The Front Mission series is a turn based strategy/RPG hybrid that has one unique gimmick going for it. You control large war-like mechs instead of regular human beings. This adds a lot of fun to the game, since there is a lot more interesting stuff you can pull off now. The mechs can be equipped with a variety of weapons ranging from bazookas to rocket launchers, so chances are you will find a set of weapons that will fulfill your needs.
Battles are structured like pretty much any other normal strategy game out there. The key to winning most battles is to simply destroy all of the enemies, so that's your mission. Doing so requires a certain amount of strategy at times. Sometimes, it is best not to rush into combat and do something foolish, like being surrounded by 3 strong enemies and destroyed. The less casualties you have, the more money you earn at the end of the battle, so keep that in mind.
The key to winning battles in the game is to destroy the mech's body, but there are three other parts to focus on too. Each mech has a body, two arms, and legs. If you destroy the body, the whole mech is dead and you get a bunch of experience. If you destroy the arms, it cannot use the weapons it has equipped on that arm. If you destroy the legs, it will be barely able to move, if at all.
That sounds wonderful, and it is, but the one main complaint I always have had about this series is that you simply cannot control what body part you want to kill. Realistically, killing all the parts before the body would be ideal due to all the experience points you get from killing a part. Plus, the mech would basically be useless anyways without arms and legs. The game just randomly chooses what part you hit, which is pretty lame.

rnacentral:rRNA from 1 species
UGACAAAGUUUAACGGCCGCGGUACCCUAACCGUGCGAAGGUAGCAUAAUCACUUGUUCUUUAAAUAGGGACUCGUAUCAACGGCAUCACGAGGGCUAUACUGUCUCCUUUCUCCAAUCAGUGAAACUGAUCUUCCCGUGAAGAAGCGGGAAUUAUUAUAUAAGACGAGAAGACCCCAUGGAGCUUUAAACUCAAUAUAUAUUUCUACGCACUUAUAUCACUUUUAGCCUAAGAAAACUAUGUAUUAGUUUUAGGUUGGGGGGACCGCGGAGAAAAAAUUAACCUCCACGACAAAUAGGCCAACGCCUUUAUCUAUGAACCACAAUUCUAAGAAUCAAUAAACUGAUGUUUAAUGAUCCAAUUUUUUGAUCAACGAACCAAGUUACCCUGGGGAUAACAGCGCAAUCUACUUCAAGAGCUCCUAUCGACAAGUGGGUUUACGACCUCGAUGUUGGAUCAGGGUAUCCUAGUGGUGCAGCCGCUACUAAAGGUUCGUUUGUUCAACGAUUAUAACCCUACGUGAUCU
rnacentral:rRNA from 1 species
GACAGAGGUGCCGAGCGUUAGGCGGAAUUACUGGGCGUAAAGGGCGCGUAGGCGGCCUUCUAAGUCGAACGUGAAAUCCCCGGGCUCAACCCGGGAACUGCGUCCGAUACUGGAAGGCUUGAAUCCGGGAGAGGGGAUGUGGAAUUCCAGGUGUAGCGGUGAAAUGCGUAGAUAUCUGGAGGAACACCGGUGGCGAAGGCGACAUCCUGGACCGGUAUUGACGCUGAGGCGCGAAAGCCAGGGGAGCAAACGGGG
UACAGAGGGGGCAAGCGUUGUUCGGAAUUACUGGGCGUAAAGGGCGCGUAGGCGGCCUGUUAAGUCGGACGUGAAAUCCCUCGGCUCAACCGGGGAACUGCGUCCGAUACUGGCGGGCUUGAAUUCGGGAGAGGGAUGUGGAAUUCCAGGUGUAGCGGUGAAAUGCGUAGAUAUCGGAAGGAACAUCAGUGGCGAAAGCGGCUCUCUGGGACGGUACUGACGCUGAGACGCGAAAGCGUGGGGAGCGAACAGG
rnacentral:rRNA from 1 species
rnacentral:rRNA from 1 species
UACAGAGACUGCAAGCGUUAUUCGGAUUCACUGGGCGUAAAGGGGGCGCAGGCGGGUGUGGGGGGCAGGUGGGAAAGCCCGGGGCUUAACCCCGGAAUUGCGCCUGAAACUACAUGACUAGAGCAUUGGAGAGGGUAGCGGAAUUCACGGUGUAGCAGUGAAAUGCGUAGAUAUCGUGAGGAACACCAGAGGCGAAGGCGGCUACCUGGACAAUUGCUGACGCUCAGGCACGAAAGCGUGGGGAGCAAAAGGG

Outside of battle, there's a wide variety of things you can do as well. There's a wanzer shop where you can buy upgraded parts for your mech, as well as items that can do various things like healing injured body parts. There's a bar where you can chit chat with various people in the town and sometimes learn new information. Finally, there's an arena where you can choose one character and go one-on-one with one of the arena opponents in a fight to the death. The higher the odds, the tougher the opponent, but the more money you stand to earn if you win.
Unfortunately, there's a downside to all of this as well. There is no exploration to speak of, whatsoever. The towns are simply set up in the form of a menu, and pretty much every town has the same exact menu in the same exact order. It really did get quite old and boring after a while, especially with the aforementioned awful music.
The game also has a weird challenge level. For the first six or seven hours, I breezed through with very little difficulty. Then, out of nowhere, a tough fight will come up, then some more easy ones, and then another really tough one. It does not make much sense, but that seems to be a trademark of the series at this point, it would seem.
There's a terrific amount of replay value in this one, due to the fact you can play the game from two different scenarios and points of views. Therefore, once you beat the game, you will want to beat it again on the different scenario. Plus, the game is so much fun, I find myself picking it up time after time just to enjoy the heck out of it.
Fortunately, all of the bad points does not make this a bad game, and overall I really had a heck of a time enjoying this one. I am really glad Square decided to port this one to the DS, and I can only hope for a translated port of Front Mission 2 to show up on the DS or PSP one day. If it's half as good as this, Square will have another winner on their hands.
Reviewer's Score: 9/10 | Originally Posted: 05/19/08
Game Release: Front Mission (US, 10/23/07)